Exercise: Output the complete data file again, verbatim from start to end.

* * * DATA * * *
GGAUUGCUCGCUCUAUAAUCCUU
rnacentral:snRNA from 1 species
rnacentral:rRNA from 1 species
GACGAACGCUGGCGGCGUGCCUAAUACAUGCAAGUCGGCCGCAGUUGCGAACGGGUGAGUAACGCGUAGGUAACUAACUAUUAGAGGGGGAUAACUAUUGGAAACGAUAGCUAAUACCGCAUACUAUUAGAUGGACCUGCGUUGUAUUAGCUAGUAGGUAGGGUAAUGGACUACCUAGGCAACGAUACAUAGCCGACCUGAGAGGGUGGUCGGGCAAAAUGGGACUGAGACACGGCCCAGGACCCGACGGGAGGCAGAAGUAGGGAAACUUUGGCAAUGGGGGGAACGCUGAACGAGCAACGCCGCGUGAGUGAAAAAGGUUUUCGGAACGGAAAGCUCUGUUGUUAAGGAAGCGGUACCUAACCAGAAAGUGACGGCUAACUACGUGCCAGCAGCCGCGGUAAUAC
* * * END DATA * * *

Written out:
GGAUUGCUCGCUCUAUAAUCCUU
rnacentral:snRNA from 1 species
rnacentral:rRNA from 1 species
GACGAACGCUGGCGGCGUGCCUAAUACAUGCAAGUCGGCCGCAGUUGCGAACGGGUGAGUAACGCGUAGGUAACUAACUAUUAGAGGGGGAUAACUAUUGGAAACGAUAGCUAAUACCGCAUACUAUUAGAUGGACCUGCGUUGUAUUAGCUAGUAGGUAGGGUAAUGGACUACCUAGGCAACGAUACAUAGCCGACCUGAGAGGGUGGUCGGGCAAAAUGGGACUGAGACACGGCCCAGGACCCGACGGGAGGCAGAAGUAGGGAAACUUUGGCAAUGGGGGGAACGCUGAACGAGCAACGCCGCGUGAGUGAAAAAGGUUUUCGGAACGGAAAGCUCUGUUGUUAAGGAAGCGGUACCUAACCAGAAAGUGACGGCUAACUACGUGCCAGCAGCCGCGGUAAUAC